All best,
Johnm

Offline uncle bud

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Re: We should have heard more from them
« Reply #41 on: January 04, 2007, 12:21:49 PM »
One I've been listening a lot to lately and wishing there was more of is Pernell Charity. Charity was discovered by Kip Lornell I believe and recorded by Pete Lowry in the early 1970s. The album Pernell Charity - The Virginian, released on Trix Records, is the only material I know of that's available. Charity is influenced by the music of Blind Boy Fuller, as are a number of those Trix artists it seems, and I would say he is very near the top of the list. I saw him dismissed as "derivative" somewhere, and he is certainly strongly influenced by Fuller's records - and to a lesser extent, Lightnin' Hopkins - but he is a wonderful player and solid singer. Lowry and Lornell recorded him on a number of different guitars, so there is also a nice variety to the material. There's even a hybrid Lemon/Fuller piece in Blind Lemon's Blues. I know from the notes that Lowry recorded much more of Charity than we have on this record, and it would be great to hear more.

I recently got a few of the Trix CDs through the Amazon marketplace at a ridiculously cheap price, so those interested in Trix artists like Charity, Henry Johnson, Willie Trice, Roy Dunn and the like should take a look.  These guys have also been on the Juke for awhile.

Offline Bunker Hill

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Re: We should have heard more from them
« Reply #42 on: January 04, 2007, 01:13:07 PM »
Returning to this thread after a bit of a lay-off, I thought of a musician I would have liked to have heard more from in the '60s:  Alec Seward.  He did one album for Prestige Bluesville, "Creeper's Blues", on which he was backed by Larry Johnson, of "Fast and Funky", but on harmonica.  Alec Seward was a wonderful Blues singer and nice player.  One of his biggest boosters was Sonny Terry, who said of him, "Alec could sing a bitch!".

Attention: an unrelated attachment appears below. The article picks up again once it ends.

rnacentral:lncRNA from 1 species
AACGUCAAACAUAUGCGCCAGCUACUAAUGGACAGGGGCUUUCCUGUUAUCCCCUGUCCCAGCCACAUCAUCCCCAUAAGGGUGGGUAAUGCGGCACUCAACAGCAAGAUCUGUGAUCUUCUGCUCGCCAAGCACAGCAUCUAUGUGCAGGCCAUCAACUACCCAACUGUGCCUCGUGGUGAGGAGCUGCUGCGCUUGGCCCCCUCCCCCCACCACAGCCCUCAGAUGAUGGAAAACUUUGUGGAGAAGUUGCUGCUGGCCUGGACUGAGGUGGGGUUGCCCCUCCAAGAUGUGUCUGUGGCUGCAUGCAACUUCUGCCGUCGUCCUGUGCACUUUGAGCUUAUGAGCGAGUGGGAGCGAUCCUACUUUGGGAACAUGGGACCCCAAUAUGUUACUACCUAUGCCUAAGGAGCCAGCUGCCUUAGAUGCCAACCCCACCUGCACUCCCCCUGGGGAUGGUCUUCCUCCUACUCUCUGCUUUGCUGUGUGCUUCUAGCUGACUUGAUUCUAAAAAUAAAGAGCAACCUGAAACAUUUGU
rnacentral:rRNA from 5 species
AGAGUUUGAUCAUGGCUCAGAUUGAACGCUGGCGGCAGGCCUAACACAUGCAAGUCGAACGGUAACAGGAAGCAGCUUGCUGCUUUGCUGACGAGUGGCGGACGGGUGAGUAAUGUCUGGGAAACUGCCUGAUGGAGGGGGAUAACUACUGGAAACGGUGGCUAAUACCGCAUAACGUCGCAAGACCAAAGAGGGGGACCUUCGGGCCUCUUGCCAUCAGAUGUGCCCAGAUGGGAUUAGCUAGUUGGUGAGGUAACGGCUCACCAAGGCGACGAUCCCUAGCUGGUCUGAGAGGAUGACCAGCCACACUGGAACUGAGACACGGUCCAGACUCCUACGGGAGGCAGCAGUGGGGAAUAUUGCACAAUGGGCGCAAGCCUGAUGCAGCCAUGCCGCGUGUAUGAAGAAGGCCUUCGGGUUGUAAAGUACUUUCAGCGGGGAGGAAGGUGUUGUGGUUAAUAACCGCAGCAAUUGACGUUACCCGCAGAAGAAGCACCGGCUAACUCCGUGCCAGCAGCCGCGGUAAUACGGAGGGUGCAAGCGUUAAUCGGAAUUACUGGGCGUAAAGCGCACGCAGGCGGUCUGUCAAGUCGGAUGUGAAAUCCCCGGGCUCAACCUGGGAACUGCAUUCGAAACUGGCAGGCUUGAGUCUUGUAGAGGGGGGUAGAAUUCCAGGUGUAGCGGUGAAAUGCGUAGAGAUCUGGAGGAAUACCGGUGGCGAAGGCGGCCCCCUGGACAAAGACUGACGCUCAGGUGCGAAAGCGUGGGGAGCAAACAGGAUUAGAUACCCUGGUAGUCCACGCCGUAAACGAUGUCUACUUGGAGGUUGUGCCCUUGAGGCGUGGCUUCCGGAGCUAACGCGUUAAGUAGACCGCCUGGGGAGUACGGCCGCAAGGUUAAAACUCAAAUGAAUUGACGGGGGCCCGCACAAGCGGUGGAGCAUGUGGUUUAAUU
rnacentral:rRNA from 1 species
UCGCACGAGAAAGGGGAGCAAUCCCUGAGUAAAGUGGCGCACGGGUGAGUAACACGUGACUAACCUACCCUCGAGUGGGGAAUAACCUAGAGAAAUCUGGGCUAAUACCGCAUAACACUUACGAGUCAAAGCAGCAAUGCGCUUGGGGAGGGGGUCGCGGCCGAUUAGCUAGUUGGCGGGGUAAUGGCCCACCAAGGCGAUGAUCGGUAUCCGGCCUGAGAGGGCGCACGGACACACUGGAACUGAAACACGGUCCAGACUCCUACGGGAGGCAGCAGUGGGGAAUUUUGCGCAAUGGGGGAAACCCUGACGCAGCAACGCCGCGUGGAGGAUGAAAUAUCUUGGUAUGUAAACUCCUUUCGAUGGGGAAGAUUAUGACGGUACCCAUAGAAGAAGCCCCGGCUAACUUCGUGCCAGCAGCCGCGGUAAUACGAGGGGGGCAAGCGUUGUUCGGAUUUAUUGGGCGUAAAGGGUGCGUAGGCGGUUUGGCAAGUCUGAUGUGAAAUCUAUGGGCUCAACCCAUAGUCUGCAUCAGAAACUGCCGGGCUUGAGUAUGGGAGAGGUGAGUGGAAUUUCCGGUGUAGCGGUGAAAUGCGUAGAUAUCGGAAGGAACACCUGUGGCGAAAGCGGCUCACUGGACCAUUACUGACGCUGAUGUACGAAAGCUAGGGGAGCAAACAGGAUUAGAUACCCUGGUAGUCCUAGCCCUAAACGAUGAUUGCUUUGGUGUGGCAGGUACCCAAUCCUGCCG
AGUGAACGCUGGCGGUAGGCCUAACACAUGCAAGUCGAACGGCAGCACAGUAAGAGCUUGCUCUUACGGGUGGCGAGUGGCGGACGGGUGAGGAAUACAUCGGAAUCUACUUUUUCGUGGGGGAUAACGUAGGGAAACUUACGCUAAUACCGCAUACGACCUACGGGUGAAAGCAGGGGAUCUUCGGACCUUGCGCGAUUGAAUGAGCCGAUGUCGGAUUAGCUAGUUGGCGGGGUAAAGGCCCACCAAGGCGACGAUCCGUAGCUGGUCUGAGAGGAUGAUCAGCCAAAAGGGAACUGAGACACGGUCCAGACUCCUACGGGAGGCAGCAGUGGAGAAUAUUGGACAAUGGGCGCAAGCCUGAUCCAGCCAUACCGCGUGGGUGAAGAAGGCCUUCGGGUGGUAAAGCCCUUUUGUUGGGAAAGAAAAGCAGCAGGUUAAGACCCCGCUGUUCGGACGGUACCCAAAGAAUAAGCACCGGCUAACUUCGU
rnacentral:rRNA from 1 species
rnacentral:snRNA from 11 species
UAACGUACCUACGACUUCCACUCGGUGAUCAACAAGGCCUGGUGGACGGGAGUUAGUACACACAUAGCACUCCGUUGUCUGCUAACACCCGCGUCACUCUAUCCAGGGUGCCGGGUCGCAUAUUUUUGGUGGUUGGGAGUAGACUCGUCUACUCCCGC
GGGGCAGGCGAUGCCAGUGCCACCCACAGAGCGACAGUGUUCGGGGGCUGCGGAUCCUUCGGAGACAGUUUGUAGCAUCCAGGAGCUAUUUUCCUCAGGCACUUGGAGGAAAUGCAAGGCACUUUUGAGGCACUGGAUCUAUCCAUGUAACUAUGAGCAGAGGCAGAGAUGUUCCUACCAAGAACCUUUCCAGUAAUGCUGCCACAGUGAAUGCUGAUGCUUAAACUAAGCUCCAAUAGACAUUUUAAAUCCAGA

I own a 1975 Blue Labor LP entitled Late One Saturday Evening (BL103) which is a 1966 "house party" recording. The LP is under his name but he doesn't appear on songs, those items marked * below he's not present:

V/g with Julia Carr (v -1) Sonny Terry (v -2/h) Brownie McGhee (v -3/g -4) Joseph "Washboard Doc" Doctor (v /wb -5).
                                                  New York City, Autumn 1966
What has Annie got
Risin? Sun shine on   
Her ways are so sweet *-2,3,4,5   
C.C. rider -4   
C.C. rider -1,4   
Goin? down slow   
Rock me darlin?   
Late one Saturday evening (omit Terry)   
Blues all around my head *-1,4,5   
Feel so good   
Blues all around my head* -2,4   
Trouble in mind -1   
Creepin? blues   
Cousin John* -2,4   
I wish I?d listened   
[Seward does not appear to feature on titles ]
« Last Edit: January 04, 2007, 01:14:44 PM by Bunker Hill »

Online Johnm

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Re: We should have heard more from them
« Reply #43 on: January 04, 2007, 01:20:06 PM »
Hi Bunker Hill,
The time before last that I was in England I saw a CD version of that recording (which was the source of the Sonny Terry quote) and stupidly did not pick it up.  Of course I've never seen it again, but next time I go to England . . . .
All best,
Johnm

Offline Bunker Hill

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Re: We should have heard more from them
« Reply #44 on: January 04, 2007, 01:30:37 PM »
The time before last that I was in England I saw a CD version of that recording (which was the source of the Sonny Terry quote) and stupidly did not pick it up.  Of course I've never seen it again, but next time I go to England . . . .
Stupid is my middle name! Had I bothered to look at Chris Smith's gigantic booklet "That's The Stuff: The Recordings of Brownie McGhee, Sonny Terry, Stick McGhee & J. C Burris" I could have reported that it had been available on the Blue Alliance label (TBA13007) and that the CD booklet only lists one of the versions of C. C. Rider although both are present. :(